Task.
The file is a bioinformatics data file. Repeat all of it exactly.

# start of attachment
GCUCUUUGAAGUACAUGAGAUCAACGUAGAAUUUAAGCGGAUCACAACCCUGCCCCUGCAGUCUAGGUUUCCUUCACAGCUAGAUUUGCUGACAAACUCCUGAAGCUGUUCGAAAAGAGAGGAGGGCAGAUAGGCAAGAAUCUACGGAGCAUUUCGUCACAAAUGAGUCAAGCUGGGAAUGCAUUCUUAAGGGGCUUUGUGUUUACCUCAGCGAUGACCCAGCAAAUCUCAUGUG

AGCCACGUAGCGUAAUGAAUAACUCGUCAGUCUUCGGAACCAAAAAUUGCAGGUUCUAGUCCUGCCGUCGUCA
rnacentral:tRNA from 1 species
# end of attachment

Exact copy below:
GCUCUUUGAAGUACAUGAGAUCAACGUAGAAUUUAAGCGGAUCACAACCCUGCCCCUGCAGUCUAGGUUUCCUUCACAGCUAGAUUUGCUGACAAACUCCUGAAGCUGUUCGAAAAGAGAGGAGGGCAGAUAGGCAAGAAUCUACGGAGCAUUUCGUCACAAAUGAGUCAAGCUGGGAAUGCAUUCUUAAGGGGCUUUGUGUUUACCUCAGCGAUGACCCAGCAAAUCUCAUGUG

AGCCACGUAGCGUAAUGAAUAACUCGUCAGUCUUCGGAACCAAAAAUUGCAGGUUCUAGUCCUGCCGUCGUCA
rnacentral:tRNA from 1 species